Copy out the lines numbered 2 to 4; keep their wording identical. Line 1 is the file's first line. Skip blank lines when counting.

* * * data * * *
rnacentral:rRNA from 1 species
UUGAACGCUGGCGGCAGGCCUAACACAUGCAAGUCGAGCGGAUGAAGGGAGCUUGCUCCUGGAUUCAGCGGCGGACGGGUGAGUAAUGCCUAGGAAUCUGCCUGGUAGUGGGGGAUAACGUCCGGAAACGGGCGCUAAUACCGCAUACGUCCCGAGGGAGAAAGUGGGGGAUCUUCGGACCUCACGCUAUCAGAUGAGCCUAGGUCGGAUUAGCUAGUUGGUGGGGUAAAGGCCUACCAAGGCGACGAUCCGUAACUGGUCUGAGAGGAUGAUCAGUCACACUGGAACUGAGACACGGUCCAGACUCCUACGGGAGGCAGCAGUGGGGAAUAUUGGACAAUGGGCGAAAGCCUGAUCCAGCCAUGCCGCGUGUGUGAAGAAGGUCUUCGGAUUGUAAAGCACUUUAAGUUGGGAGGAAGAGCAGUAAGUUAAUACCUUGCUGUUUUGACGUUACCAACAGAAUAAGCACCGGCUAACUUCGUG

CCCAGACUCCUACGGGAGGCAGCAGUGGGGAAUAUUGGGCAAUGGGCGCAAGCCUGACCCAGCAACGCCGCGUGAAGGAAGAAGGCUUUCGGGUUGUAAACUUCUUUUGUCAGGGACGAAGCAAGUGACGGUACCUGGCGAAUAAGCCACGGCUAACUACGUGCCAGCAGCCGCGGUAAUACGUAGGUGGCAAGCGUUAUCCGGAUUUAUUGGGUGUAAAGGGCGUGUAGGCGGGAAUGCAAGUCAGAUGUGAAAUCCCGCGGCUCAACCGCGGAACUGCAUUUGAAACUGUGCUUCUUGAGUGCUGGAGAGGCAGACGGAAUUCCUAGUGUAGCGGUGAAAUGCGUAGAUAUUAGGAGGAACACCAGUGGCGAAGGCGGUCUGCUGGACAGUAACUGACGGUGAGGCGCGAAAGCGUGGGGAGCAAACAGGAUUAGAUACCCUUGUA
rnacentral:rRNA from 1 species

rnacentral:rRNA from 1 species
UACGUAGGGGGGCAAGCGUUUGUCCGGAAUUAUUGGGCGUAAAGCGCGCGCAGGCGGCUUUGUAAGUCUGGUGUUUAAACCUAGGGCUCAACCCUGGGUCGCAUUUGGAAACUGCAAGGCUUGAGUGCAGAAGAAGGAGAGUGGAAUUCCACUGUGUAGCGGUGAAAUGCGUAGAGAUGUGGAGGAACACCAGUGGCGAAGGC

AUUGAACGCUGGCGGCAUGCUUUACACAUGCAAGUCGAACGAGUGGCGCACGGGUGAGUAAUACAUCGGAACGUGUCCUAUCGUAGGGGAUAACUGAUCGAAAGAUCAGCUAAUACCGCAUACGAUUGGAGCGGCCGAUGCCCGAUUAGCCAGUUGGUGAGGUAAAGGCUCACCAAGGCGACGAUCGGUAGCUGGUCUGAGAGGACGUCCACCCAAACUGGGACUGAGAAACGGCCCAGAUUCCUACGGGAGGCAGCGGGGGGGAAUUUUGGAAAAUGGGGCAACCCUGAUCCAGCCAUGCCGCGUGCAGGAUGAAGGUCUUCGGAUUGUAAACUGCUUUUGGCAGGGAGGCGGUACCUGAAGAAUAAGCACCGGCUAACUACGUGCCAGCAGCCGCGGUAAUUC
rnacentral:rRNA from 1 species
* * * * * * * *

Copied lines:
UUGAACGCUGGCGGCAGGCCUAACACAUGCAAGUCGAGCGGAUGAAGGGAGCUUGCUCCUGGAUUCAGCGGCGGACGGGUGAGUAAUGCCUAGGAAUCUGCCUGGUAGUGGGGGAUAACGUCCGGAAACGGGCGCUAAUACCGCAUACGUCCCGAGGGAGAAAGUGGGGGAUCUUCGGACCUCACGCUAUCAGAUGAGCCUAGGUCGGAUUAGCUAGUUGGUGGGGUAAAGGCCUACCAAGGCGACGAUCCGUAACUGGUCUGAGAGGAUGAUCAGUCACACUGGAACUGAGACACGGUCCAGACUCCUACGGGAGGCAGCAGUGGGGAAUAUUGGACAAUGGGCGAAAGCCUGAUCCAGCCAUGCCGCGUGUGUGAAGAAGGUCUUCGGAUUGUAAAGCACUUUAAGUUGGGAGGAAGAGCAGUAAGUUAAUACCUUGCUGUUUUGACGUUACCAACAGAAUAAGCACCGGCUAACUUCGUG

CCCAGACUCCUACGGGAGGCAGCAGUGGGGAAUAUUGGGCAAUGGGCGCAAGCCUGACCCAGCAACGCCGCGUGAAGGAAGAAGGCUUUCGGGUUGUAAACUUCUUUUGUCAGGGACGAAGCAAGUGACGGUACCUGGCGAAUAAGCCACGGCUAACUACGUGCCAGCAGCCGCGGUAAUACGUAGGUGGCAAGCGUUAUCCGGAUUUAUUGGGUGUAAAGGGCGUGUAGGCGGGAAUGCAAGUCAGAUGUGAAAUCCCGCGGCUCAACCGCGGAACUGCAUUUGAAACUGUGCUUCUUGAGUGCUGGAGAGGCAGACGGAAUUCCUAGUGUAGCGGUGAAAUGCGUAGAUAUUAGGAGGAACACCAGUGGCGAAGGCGGUCUGCUGGACAGUAACUGACGGUGAGGCGCGAAAGCGUGGGGAGCAAACAGGAUUAGAUACCCUUGUA
rnacentral:rRNA from 1 species